Georgia House Committee approved legislation Tuesday that would legalize statewide online sports betting with remote registration.

Rep. Ron Stephens’ HB 86 aims to expand gambling, bypassing the constitutional amendment usually required for such moves. The proposed measure also allows for professional sports franchises or stadiums to associate with operators to offer online sports betting. HB 86 was introduced in January and was scheduled for a hearing last week before it was postponed.

For years supporters have pushed the lawmakers to expand the industry to allow casinos and horse racing. But a 2018 US Supreme Court ruling on PASPA paved the way for the state to legalize sports betting. After years of failed bids to expand regulated gambling through a constitutional amendment, which involves a complex procedure including the requirement of two-thirds support in House and Senate and majority support from voters, Georgia is on the verge of becoming a legalized industry.

Details of the Bill

House Bill 86 would empower the Georgia Lottery Corporation to manage a digital sports betting system for six or more vendors. Adding sports betting to the existing lottery system bypasses the legal requirement for lawmakers and voters to approve a new constitutional amendment. “We believe that the folks should just make it another lottery game,” said Stephens, the prime sponsor of the bill and the chairman of the House Economic Development and Tourism Committee.

The proposal sets the tax rate at 16% while allowing a legal wager for anyone age 21 or above. The application fee for an operator is set at $50,000, with a renewable annual fee of $900,000. In addition, the operators would also be subject to a 14% tax on their adjusted gross income, which would reimburse into educational programs such as HOPE Scholarships. According to Stephens, the Georgia sports betting industry could add $40 million into the existing mechanism to fund the scholarship.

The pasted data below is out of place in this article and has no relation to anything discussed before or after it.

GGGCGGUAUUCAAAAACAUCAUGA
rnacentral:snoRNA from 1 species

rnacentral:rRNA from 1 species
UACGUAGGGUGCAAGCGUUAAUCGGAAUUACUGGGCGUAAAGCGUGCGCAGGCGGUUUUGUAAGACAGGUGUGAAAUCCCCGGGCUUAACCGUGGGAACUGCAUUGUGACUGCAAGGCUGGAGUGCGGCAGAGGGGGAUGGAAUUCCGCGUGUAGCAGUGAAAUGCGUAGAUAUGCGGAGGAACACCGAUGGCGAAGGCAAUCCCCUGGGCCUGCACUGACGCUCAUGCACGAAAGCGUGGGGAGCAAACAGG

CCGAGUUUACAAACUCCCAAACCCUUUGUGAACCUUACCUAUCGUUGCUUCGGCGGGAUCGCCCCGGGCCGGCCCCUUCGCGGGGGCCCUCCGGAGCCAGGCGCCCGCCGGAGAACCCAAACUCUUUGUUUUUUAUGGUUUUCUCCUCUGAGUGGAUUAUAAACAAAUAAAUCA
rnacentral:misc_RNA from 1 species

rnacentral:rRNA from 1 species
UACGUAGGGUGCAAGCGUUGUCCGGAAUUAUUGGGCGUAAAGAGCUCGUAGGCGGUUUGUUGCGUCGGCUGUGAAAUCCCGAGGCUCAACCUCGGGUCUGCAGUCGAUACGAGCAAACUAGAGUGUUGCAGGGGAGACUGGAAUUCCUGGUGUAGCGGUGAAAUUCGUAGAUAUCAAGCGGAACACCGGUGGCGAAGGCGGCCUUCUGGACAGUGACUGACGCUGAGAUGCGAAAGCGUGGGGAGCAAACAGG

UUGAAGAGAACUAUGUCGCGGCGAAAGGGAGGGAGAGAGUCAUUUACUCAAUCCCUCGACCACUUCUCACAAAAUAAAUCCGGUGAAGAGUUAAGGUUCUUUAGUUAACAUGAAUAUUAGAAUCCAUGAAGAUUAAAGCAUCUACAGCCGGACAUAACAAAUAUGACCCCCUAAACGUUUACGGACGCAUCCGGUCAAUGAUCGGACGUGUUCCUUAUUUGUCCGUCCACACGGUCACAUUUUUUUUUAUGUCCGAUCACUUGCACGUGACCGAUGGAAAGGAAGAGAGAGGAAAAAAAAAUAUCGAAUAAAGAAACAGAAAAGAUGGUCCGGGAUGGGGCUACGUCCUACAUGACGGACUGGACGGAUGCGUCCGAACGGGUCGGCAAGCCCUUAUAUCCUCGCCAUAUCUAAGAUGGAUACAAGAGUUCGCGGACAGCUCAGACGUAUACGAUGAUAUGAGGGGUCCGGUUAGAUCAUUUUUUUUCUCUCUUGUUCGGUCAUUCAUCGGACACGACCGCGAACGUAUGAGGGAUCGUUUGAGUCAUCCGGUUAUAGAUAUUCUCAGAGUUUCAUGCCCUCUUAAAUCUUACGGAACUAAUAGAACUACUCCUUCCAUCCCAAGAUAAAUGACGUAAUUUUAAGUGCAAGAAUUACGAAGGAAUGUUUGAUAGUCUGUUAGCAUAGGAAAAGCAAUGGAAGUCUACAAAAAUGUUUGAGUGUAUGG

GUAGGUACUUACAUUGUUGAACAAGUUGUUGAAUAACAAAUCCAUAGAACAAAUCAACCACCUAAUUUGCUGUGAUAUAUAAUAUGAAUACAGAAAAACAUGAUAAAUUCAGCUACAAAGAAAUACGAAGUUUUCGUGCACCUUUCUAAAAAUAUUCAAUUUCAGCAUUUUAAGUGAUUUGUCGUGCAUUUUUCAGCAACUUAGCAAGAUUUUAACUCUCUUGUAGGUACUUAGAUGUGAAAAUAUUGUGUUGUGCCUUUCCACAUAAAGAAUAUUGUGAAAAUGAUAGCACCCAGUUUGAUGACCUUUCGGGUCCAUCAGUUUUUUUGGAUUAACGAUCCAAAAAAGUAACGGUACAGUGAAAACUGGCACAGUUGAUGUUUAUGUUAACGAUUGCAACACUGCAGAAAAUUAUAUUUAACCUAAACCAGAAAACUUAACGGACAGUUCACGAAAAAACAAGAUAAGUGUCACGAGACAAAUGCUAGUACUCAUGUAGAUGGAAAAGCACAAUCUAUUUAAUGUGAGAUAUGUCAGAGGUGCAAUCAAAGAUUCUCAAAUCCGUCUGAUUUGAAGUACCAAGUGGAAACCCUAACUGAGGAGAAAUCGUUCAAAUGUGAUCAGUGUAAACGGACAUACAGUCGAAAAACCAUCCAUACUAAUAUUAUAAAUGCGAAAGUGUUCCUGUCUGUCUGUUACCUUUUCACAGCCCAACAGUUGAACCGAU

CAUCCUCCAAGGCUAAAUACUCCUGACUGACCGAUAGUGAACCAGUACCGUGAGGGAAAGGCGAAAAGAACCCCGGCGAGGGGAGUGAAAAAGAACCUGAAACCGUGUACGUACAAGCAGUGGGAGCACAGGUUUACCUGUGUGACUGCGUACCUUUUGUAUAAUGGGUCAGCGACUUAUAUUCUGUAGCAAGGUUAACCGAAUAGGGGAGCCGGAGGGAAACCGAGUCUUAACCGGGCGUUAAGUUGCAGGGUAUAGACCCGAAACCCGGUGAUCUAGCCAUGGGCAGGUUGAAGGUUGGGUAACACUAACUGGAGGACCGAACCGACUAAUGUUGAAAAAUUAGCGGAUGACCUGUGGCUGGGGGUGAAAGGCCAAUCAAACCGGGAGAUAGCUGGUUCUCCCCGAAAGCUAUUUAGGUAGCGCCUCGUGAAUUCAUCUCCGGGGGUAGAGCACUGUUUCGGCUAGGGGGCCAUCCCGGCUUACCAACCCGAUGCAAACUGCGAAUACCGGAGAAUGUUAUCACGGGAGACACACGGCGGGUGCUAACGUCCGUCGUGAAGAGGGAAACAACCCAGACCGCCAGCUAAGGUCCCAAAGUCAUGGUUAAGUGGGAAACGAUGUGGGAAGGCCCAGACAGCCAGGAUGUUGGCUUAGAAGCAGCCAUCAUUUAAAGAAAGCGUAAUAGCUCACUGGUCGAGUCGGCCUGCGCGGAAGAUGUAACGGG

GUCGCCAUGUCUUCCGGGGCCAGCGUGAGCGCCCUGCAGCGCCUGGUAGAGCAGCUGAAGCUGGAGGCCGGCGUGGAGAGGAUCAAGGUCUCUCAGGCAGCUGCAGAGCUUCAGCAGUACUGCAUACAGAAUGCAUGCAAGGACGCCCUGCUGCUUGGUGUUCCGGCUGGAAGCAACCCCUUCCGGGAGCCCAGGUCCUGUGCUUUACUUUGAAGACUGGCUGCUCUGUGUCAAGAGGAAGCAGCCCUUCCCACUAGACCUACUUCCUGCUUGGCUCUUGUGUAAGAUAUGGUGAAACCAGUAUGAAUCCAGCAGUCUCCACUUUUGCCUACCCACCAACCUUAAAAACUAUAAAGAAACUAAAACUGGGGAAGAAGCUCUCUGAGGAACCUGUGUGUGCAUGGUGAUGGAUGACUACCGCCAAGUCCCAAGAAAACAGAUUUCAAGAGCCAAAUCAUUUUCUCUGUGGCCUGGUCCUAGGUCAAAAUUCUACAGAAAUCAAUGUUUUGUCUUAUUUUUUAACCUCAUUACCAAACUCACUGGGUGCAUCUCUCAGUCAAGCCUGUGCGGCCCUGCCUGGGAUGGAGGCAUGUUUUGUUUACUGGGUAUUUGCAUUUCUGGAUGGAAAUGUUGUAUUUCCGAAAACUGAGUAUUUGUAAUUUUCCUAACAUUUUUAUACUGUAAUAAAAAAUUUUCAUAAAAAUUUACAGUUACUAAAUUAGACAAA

House Tourism and Economic Development members voted 20-6 to approve the bill. It was not unexpected since the bill’s prime mover, Rep. Ron Stephens, heads the committee. HB 86 is also supported by the Georgia Professional Sports Integrity Alliance, a coalition of four professional franchises – the Atlanta Falcons, Atlanta Braves, Atlanta United, and Atlanta Hawks. Additionally, influential Republicans, including House Speaker David Ralston, have indicated support for the proposal.

Georgia, Second Online-only State

The bill does not appear to allow for any land-based facilities, making Georgia the second state to pass such a law. Earlier in 2019, Tennessee regulated online betting only, and though it appeared that Virginia was on its way to following suit in 2020, the law there now approves five brick-and-mortar casinos with sportsbooks.

Like Tennessee and Virginia, Georgia is not known for gaming culture. As for now, gambling is outlawed in the Peach State, except the lottery. If Georgia regulates the industry this year, it will join neighboring Tennessee and North Carolina in the region with legal betting. Though Alabama and Florida are on the way to consider sports betting bills, it seems difficult for the two to advance towards anything conclusively during this session.

Lawmakers to Allay Some Concerns

Everything seemed going smoothly on Tuesday’s meeting until some members raised concerns regarding the addictive nature of gambling, urging stricter safeguards to be put in place. Rep. Miriam Paris, who voted for the bill, said they need to have something in place for those who “get caught up into this trap,” adding that people are really going broke.

Stephens has also introduced legislation, putting a question on an upcoming ballot asking voters to support allowing casinos in Georgia. The legislation also directs sports facilities to post support hotline telephone number for those struggling with gambling addictions. The lottery spends around $400,000 a year on addiction programs.

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